Keywords: Acraman Impact ejecta; Acritarchs; Biomarkers; Cyanobacteria; Lithofacies analysis; Microbial mats; Neoproterozoic; Ocer Basin; Slope-aprons

1. Introduction 1.1. Preamble This report documents the occurrence and sedimentological and geochemical aspects of Ediacarian organic mats in the Munta 1 drillcore from the eastern Ocer Basin, Centralian Superbasin (Figs. 13). The presence of fossil mats is indicated by lms of kerogen and sheet-like fragments of organic matter. Microbial mats and their fragments have been recorded from drillcores in both the Ocer and Amadeus Basins of central Australia ( Fig. 1; e.g. Calver, 1995; Grey, 1998; Cotter, 1999; Logan et al., 1999). Mat material is present in marine, rhythmically laminated and graded-bedded, calcareous mudstone and dolomitic siltstone and sandstone that comprise successions up to several hundreds metres thick, as well

as in shallow-marine ( lagoonal/peritidal ) carbonates. In addition to microbial mat fragments, these rocks also contain well-preserved acritarchs (Zang and Walter, 1992; Grey, 1998). Two groups of acritarchs have been recorded: the lower part of the Ungoolya Group in the Ocer Basin ( Fig. 2; Table 1) is dominated by small, simple sphaeromorph acritarchs, mainly attributable to species of Leiosphaeridia, whereas the remainder of the lower Ungoolya Group is dominated by large, complex acanthomorph acritarchs [Simple Leiosphere Palynoora and Ediacarian Complex Acritarch Palynoora respectively of Grey (1998); Fig. 3 herein]. 1.2. Organic mats and their molecular fossils Like most modern mats, the majority of Proterozoic mats are interpreted to have formed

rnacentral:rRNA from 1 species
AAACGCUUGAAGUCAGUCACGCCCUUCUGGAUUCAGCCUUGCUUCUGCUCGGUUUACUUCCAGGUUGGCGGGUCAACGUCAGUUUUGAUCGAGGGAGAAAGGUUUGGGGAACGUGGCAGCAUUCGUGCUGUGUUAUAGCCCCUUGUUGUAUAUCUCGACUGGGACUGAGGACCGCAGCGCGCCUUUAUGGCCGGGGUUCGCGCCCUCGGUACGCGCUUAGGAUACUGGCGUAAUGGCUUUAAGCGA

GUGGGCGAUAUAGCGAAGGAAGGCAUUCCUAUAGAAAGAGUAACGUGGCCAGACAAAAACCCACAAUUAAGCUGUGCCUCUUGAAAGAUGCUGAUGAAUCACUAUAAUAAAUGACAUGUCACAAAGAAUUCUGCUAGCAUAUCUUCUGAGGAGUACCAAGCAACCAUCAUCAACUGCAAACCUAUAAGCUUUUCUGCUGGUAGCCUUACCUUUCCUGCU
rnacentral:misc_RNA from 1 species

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Fig. 1. Location of exploration-well (Comalco) Munta 1, eastern Ocer Basin, South Australia (SA), and geographic context of the Ocer Basin as part of the Centralian Superbasin. Diagram adapted from Walter et al. (1995, g. 1) with additions from Hill et al. (2000, g. 1). AR=Ammaroodinna Ridge; BS=Birksgate Sub-basin; MP=Murnaroo Platform; MT=Munyarai Trough.

in marine or hypersaline depositional environments (e.g. Walter et al., 1992). Both extant and fossil mats contain a diversity of taxa, generally dominated by bacteria (mainly cyanobacteria or other photosynthetic bacteria). Other mats are formed predominantly by algae. Modern examples of submerged cyanobacterial mats, probably similar to Proterozoic shallow-marine benthic microbial mats, include those at Solar Lake, Sinai (DAmelio et al., 1989) and at Guerrero Negro saltern, Baja California Sur, Mexico (Des Marais et al., 1992b). Mat surfaces are built essentially by the lamentous cyanobacterium Microcoleus chthonoplastes; overlain by unicellular, mucus-producing, cyanobacteria (commonly Synechococcus sp.) and diatoms, and underlain (i.e. in the chemocline where oxygen and sulde coexist) by Chloroexus sp. (green anoxygenic photosynthetic non-sulfur bacteria) and Beggiatoa sp. (colourless sulfur bacteria), and sparser non-photosynthetic bacteria and fragments of bacterial mucilage (DAmelio et al., 1989; Des Marais et al., 1992b). Such mats are widely distributed because they can grow at variable oxygen and sulde levels ( Ward